UVALDE, Texas -- The principal of Robb Elementary School in Uvalde, Texas is under fire.
Mandy Gutierrez was placed on administrative leave earlier this week.
Speaking to CNN, she responded to a Texas House Committee investigation that accuses her school of having a "culture of non-compliance" with keeping doors locked at all times.
According to Gutierrez, a custodian checks all classroom locks every night.
She also said a rock kept next to a door to the outside is only used to prop it open when large numbers of students are entering under adult supervision, CNN reported.
The shooter used that door to enter the school and kill 21 people, including 19 students.
It wasn't propped at the time but it wasn't locked, either.
Gutierrez denies safety protocols were routinely ignored at her school.
"I believe that everybody's at a different level in their grieving process. I believe they're entitled to their opinion. I feel that I followed the training that I was provided with to the best of my abilities and I will second guess myself for the rest of my life. But again, there's things that could change that are not in my circle of control," she said.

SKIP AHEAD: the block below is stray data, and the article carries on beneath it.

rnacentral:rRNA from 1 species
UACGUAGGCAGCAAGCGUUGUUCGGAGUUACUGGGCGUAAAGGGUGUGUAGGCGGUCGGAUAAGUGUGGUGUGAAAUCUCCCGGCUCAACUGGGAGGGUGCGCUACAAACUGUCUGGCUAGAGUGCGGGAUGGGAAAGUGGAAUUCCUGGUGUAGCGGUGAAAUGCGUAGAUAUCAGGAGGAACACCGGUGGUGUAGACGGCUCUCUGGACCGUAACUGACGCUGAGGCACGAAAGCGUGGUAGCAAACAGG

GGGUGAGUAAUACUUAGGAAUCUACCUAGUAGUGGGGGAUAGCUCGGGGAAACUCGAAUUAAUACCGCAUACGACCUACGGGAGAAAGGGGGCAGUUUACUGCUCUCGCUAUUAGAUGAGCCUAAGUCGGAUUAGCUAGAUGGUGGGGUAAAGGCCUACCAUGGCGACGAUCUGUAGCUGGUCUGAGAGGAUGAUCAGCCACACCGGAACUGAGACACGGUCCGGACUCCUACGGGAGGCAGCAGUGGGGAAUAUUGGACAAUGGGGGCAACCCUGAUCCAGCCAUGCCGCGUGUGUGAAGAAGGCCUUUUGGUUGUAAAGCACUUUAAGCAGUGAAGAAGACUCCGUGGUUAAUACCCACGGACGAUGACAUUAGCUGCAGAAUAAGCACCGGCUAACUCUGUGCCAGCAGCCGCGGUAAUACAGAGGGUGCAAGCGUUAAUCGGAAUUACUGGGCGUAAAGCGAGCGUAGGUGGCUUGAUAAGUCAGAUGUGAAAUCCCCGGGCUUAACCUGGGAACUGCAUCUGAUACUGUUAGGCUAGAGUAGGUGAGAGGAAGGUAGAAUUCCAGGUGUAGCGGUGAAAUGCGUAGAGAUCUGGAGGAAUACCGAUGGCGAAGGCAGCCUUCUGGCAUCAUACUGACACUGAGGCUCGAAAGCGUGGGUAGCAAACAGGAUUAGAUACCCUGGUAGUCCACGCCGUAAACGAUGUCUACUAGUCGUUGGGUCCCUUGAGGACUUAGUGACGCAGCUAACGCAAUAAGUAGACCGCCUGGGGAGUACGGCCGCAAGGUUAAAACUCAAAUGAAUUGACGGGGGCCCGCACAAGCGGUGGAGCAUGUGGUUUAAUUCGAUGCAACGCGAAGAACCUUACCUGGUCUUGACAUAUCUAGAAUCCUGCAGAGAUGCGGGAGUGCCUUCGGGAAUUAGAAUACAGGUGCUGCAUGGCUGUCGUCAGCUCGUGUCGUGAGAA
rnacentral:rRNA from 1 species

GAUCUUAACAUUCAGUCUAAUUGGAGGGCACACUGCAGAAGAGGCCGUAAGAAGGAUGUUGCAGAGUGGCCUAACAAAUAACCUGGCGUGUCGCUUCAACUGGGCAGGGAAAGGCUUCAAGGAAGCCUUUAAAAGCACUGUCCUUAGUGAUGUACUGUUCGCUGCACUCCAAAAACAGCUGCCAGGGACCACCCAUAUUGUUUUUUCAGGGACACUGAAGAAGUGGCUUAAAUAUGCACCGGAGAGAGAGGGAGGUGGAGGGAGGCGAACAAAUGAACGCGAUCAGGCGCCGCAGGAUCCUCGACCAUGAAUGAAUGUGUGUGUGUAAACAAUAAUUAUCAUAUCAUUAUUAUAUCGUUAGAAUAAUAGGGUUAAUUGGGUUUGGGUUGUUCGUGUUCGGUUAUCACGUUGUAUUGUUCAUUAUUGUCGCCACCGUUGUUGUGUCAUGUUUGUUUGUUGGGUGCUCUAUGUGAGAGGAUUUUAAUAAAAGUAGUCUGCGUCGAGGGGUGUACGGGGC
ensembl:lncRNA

When asked if she feels she shares some responsibility, Gutierrez said, "I believe that there is always room for improvement. I believe that I did my job to the best of my abilities. I believe that as the campus principal, if I did the job to the best of my abilities, then I would hope that I, nobody says that I am fully responsible for what occurred that day."
Investigators also found some teachers didn't receive a warning a gunman was in the school.
Gutierrez used a phone app called Raptor to alert them. She said using the intercom could have instilled panic and alerted the gunman to the knowledge of his presence.
However, parts of the school have poor Wi-Fi reception and many teachers never received the alerts.